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How Do You Know if Protein is 'Complete' or 'Incomplete'?

From TIME - April 12, 2018

If youre a big fan of quinoa or chia seeds, you may have heard them touted as complete proteins. In a nutshell, that means they contain all of the nine essential amino acids required to build and repair protein tissues in the body. But the question is: does that matter?

The short answer is no, not really. But first, lets back up a step.

Animal-based foods like eggs, dairy, fish and meat are complete proteins, while most plant foods are incompletemeaning certain amino acids are missing from the protein puzzle.

Some people believe that in order to utilize plant protein efficiently, you must eat so-called complementary proteins together. Rice and beans are a good example of complementary proteins, because the amino acids that are missing from beans are found in rice and vice versa.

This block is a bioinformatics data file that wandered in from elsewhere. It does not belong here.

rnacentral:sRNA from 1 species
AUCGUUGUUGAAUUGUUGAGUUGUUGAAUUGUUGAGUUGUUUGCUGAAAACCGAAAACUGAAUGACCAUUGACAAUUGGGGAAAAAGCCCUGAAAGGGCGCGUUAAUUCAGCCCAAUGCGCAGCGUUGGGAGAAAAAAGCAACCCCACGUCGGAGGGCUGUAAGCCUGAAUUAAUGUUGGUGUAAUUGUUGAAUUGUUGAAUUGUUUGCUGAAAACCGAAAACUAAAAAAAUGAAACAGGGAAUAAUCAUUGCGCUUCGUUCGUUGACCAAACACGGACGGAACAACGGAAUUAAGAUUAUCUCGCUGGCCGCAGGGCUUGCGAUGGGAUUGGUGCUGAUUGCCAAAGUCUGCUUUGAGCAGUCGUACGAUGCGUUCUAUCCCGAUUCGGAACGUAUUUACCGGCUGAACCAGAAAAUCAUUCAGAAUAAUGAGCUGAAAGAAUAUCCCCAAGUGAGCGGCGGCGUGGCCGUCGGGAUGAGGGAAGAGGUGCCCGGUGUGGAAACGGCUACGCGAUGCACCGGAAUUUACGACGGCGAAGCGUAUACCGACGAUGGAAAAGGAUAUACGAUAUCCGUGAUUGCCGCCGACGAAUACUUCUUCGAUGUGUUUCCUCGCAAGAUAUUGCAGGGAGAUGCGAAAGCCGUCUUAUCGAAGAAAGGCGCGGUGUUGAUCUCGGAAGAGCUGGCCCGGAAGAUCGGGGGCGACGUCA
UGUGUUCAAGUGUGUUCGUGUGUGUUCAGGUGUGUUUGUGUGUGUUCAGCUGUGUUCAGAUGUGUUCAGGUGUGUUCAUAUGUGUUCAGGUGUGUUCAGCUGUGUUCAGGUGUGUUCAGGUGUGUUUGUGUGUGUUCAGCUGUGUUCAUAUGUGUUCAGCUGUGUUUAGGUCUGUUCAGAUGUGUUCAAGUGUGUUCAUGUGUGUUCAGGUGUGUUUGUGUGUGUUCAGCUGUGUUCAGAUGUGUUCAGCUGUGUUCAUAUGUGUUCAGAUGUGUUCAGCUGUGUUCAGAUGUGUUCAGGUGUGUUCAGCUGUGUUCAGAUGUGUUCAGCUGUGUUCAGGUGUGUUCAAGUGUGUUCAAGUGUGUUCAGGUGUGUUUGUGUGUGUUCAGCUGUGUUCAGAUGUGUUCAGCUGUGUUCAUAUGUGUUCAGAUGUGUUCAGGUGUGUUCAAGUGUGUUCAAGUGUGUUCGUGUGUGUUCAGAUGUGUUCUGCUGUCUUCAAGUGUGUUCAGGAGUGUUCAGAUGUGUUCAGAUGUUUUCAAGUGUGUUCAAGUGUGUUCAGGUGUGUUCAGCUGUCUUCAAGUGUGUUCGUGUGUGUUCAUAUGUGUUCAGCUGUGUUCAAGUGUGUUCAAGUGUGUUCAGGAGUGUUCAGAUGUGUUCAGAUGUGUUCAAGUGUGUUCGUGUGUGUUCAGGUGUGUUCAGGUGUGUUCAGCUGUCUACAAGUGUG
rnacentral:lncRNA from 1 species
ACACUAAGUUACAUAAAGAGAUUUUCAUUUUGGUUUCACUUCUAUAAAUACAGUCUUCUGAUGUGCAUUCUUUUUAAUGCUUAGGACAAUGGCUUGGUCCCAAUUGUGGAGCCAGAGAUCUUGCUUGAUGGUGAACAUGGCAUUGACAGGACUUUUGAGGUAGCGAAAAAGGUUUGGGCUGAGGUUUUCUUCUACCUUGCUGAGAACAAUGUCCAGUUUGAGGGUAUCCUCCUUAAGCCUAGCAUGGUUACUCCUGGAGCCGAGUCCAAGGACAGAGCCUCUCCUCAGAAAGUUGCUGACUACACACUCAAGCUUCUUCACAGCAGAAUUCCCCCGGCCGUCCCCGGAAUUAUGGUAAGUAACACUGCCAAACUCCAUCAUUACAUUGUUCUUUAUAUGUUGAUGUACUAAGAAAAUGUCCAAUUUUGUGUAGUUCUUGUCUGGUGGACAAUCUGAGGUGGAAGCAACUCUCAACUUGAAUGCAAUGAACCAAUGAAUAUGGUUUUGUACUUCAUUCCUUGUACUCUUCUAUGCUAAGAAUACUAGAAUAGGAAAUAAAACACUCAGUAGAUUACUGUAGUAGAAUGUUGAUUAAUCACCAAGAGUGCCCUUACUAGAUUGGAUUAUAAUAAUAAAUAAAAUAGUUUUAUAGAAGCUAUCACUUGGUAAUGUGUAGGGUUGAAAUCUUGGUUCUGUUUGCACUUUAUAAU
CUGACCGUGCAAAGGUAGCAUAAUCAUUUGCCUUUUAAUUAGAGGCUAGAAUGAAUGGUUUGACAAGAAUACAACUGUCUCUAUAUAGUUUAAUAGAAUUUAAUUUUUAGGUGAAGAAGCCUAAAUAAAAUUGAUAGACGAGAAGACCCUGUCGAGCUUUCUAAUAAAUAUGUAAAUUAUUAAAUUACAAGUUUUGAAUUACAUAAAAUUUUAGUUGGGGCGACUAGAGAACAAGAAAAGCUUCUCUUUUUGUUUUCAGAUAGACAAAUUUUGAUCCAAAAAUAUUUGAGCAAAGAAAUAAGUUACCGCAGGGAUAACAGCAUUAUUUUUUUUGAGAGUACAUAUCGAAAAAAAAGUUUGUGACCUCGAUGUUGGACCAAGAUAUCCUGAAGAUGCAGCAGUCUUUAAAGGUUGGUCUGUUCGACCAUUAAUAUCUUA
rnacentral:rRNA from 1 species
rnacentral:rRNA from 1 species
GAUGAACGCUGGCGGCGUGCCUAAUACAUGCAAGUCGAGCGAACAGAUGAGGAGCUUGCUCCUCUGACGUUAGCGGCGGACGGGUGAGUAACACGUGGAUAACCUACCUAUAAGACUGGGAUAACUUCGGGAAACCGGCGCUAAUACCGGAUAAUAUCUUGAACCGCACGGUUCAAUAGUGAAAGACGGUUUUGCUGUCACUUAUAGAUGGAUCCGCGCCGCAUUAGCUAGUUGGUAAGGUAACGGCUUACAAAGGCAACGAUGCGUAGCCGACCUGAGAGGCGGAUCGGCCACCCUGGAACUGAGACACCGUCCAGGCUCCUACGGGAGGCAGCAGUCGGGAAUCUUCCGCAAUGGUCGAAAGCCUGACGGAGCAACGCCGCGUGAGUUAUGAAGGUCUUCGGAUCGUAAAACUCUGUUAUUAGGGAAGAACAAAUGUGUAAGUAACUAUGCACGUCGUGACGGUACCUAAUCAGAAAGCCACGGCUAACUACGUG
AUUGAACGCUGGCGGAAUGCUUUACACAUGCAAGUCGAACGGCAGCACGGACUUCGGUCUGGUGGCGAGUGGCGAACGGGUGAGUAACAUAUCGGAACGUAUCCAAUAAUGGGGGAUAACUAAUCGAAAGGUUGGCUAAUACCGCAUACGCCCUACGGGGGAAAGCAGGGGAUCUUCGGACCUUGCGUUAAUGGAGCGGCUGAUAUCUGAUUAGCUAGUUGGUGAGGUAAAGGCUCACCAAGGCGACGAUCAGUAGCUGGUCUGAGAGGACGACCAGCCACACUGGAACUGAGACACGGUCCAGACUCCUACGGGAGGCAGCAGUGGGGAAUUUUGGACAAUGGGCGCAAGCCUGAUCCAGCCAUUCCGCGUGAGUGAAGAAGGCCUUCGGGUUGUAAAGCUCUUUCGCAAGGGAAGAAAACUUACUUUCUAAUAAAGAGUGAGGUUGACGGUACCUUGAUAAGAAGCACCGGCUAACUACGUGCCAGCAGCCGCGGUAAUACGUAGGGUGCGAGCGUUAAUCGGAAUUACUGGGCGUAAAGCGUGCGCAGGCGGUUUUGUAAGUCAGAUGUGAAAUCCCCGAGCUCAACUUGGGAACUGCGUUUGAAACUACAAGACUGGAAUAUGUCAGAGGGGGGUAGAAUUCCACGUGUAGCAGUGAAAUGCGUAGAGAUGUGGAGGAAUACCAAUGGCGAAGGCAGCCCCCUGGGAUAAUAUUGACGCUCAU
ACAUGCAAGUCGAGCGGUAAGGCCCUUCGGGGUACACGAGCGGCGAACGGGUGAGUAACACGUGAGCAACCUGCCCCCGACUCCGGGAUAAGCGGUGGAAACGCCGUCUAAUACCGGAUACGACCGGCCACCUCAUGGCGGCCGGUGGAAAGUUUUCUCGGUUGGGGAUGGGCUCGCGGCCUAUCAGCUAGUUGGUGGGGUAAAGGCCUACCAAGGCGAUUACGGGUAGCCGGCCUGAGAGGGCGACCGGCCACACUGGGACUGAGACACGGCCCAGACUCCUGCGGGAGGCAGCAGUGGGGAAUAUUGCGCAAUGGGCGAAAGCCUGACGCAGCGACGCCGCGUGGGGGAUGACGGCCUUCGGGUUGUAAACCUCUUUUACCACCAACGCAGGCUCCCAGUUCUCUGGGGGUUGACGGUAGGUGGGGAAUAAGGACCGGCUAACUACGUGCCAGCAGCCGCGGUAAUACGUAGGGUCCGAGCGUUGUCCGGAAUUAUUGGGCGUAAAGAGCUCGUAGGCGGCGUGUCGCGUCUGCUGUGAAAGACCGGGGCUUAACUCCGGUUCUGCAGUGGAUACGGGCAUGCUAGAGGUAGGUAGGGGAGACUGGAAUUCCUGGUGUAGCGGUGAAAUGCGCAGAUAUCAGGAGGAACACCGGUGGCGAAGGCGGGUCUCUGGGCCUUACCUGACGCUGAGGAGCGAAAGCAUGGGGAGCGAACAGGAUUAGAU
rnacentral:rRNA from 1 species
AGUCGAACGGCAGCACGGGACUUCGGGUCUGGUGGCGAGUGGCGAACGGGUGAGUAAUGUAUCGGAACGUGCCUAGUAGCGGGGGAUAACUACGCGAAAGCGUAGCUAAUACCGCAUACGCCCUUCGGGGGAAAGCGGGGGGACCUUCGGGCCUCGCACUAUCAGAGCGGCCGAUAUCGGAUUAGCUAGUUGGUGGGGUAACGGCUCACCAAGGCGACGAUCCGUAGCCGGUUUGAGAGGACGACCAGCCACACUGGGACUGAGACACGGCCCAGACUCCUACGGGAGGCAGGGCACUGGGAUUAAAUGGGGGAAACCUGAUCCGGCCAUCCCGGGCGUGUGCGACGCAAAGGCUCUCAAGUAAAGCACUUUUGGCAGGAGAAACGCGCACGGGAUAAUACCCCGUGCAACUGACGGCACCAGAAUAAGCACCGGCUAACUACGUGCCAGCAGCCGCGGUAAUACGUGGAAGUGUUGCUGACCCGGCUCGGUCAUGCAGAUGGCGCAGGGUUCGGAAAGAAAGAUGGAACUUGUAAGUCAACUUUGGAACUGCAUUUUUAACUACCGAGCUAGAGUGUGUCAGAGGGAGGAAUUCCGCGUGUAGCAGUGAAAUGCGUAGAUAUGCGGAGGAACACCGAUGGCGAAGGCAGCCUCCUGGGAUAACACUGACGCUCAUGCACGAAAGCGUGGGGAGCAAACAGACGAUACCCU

However, according to the Academy of Nutrition and Dietetics, the terms complete protein and incomplete protein are misleading. Thats because if a person consumes enough calories from a healthful, varied dieteven if those calories come exclusively from plant-based foodsshe should get an adequate supply of essential amino acids within a 24-hour period.

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